The overall survival of childhood leukaemia has increased dramatically over recent decades. With the increasing number of survivors, chemotherapy protocols are designed not only to improve cure rates but also to minimise long-term sequelae. Central-nervous-system-directed therapy given as intrathecal chemotherapy and/or cranial irradiation plays a crucial part in acute leukaemia treatment but can also result in adverse effects on the developing brain. The elimination of cranial irradiation from current treatment protocols has improved the neurocognitive outcome without compromising survival rates. Although neurodevelopmental long-term sequelae after chemotherapy-only central-nervous-system-directed therapies may be more subtle, survivors of childhood leukaemia will continue to require methodical follow-up and appropriate rehabilitation.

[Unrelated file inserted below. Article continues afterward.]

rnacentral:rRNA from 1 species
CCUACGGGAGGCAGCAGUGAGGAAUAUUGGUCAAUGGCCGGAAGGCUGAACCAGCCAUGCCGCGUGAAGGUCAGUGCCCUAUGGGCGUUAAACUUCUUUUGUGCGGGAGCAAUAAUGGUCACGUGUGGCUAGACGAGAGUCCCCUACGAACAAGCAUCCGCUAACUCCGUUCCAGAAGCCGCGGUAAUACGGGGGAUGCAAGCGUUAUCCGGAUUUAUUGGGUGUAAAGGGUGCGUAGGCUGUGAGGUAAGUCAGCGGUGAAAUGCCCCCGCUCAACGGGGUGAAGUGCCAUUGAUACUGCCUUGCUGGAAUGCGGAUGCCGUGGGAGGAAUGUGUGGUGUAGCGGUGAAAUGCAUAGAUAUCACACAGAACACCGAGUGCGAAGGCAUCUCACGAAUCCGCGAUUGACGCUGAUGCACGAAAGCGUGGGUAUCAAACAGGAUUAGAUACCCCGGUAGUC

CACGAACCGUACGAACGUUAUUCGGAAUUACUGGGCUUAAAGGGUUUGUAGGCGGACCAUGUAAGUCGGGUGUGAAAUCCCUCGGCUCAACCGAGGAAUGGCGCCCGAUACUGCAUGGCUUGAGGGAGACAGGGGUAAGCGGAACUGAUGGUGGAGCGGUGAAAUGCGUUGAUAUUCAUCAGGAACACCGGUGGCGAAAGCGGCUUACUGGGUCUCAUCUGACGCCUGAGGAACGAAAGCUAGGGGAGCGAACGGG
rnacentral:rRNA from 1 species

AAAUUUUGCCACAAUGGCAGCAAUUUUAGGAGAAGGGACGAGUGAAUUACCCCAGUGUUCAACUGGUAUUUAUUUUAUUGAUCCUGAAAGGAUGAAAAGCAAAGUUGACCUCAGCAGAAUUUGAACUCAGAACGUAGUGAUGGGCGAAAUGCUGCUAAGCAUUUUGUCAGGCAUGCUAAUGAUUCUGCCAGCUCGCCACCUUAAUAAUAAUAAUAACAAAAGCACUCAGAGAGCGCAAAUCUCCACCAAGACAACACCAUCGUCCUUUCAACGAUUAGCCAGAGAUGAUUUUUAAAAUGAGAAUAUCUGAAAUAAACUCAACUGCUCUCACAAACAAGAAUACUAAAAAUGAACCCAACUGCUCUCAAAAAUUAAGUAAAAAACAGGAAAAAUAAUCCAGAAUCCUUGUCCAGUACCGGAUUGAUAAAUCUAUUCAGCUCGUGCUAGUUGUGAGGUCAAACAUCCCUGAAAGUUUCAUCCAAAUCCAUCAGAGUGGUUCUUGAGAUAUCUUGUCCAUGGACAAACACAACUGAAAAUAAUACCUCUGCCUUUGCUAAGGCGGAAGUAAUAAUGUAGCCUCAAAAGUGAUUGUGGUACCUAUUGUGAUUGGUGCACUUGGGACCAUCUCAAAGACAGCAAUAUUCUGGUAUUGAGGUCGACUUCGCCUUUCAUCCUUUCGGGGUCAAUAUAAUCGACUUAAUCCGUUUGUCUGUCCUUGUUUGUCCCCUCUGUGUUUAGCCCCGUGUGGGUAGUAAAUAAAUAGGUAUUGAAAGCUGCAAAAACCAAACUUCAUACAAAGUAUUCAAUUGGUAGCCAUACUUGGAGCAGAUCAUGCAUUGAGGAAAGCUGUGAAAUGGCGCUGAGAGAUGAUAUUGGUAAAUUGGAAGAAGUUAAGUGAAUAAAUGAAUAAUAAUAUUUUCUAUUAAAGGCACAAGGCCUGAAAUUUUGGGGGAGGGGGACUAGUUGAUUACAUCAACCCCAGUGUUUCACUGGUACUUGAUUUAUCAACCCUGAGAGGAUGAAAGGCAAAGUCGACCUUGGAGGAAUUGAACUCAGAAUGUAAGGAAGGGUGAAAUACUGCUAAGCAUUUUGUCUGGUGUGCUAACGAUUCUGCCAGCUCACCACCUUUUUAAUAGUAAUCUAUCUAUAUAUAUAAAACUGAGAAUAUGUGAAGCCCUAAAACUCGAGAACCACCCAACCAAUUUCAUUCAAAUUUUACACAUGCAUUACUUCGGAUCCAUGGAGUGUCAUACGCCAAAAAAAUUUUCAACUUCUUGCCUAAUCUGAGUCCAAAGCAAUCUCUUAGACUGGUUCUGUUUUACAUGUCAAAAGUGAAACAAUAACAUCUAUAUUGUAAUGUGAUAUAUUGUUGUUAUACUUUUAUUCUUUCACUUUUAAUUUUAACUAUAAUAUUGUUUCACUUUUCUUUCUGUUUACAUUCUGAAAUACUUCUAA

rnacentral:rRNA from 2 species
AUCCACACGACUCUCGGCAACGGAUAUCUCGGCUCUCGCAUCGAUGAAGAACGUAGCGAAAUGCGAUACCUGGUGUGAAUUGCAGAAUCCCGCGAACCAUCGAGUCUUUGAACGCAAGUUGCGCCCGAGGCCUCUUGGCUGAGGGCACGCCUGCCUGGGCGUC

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Competing interests None
Provenance and peer review Commissioned; externally peer reviewed.
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